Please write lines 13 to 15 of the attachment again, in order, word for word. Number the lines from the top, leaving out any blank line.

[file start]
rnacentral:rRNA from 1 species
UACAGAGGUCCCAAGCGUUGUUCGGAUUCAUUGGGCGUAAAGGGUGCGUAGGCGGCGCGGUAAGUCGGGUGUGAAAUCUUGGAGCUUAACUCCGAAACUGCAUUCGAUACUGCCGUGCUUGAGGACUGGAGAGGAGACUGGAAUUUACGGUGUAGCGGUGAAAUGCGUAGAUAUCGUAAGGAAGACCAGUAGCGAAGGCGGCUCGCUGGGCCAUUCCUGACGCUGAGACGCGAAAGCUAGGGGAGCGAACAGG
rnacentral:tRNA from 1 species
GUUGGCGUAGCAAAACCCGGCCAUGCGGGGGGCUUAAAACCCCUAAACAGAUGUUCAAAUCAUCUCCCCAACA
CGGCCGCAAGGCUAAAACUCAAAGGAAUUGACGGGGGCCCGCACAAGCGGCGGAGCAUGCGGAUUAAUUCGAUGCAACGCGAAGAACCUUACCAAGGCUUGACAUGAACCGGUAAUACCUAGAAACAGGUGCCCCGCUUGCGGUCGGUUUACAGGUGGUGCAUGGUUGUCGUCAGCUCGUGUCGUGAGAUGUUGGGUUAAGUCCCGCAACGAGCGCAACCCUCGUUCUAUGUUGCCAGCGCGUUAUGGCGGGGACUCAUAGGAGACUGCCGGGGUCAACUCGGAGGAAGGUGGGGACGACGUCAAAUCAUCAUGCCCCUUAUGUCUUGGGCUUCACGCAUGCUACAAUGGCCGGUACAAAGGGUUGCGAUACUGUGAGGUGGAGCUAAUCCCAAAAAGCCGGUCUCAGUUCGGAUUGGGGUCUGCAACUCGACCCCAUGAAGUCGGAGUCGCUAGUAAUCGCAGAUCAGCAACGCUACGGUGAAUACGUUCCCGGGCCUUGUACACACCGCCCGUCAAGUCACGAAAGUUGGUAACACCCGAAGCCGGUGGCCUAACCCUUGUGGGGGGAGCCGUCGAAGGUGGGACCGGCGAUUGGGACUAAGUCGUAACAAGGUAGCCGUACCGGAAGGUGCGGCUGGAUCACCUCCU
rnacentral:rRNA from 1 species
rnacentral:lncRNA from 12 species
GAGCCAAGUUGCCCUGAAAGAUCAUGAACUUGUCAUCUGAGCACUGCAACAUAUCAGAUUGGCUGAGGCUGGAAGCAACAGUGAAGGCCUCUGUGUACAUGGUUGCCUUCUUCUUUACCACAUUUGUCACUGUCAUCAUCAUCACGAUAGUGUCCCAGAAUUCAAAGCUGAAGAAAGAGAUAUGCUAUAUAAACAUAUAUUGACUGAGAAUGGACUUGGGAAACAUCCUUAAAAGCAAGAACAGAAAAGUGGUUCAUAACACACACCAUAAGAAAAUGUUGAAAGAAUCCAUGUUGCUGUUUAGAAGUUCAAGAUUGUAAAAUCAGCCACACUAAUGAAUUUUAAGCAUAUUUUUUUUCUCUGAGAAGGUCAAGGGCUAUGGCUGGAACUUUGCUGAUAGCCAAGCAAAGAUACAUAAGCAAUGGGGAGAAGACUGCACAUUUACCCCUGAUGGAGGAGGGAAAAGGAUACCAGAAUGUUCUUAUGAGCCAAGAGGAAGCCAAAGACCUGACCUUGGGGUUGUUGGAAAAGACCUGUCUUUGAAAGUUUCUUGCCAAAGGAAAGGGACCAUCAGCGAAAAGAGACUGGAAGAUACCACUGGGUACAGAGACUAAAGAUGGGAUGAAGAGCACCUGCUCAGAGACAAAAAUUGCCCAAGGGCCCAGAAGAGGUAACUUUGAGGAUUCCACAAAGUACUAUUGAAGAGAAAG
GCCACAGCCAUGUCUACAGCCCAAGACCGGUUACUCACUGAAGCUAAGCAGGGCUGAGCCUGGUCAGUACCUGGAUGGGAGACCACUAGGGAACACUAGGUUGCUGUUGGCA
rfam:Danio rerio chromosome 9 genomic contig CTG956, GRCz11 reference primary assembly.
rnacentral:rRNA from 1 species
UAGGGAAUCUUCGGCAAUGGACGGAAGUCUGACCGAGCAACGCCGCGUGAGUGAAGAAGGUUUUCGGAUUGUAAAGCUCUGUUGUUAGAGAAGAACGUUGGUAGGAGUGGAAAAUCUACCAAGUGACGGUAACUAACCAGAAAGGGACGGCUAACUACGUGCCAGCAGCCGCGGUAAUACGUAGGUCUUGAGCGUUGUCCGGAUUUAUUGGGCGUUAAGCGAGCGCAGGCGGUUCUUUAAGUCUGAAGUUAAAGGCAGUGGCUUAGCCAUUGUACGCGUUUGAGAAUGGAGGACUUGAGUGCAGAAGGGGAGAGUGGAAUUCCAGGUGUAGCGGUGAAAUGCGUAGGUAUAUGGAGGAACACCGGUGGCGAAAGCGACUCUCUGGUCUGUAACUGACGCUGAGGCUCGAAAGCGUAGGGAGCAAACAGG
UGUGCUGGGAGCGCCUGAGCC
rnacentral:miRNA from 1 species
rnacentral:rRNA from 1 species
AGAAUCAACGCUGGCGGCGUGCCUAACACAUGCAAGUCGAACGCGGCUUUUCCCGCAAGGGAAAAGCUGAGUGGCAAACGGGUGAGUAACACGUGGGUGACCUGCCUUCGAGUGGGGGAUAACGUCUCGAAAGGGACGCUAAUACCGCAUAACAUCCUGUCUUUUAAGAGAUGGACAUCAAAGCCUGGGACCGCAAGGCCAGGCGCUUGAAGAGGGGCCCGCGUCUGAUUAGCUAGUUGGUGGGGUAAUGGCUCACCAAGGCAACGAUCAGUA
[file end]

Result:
UGUGCUGGGAGCGCCUGAGCC
rnacentral:miRNA from 1 species
rnacentral:rRNA from 1 species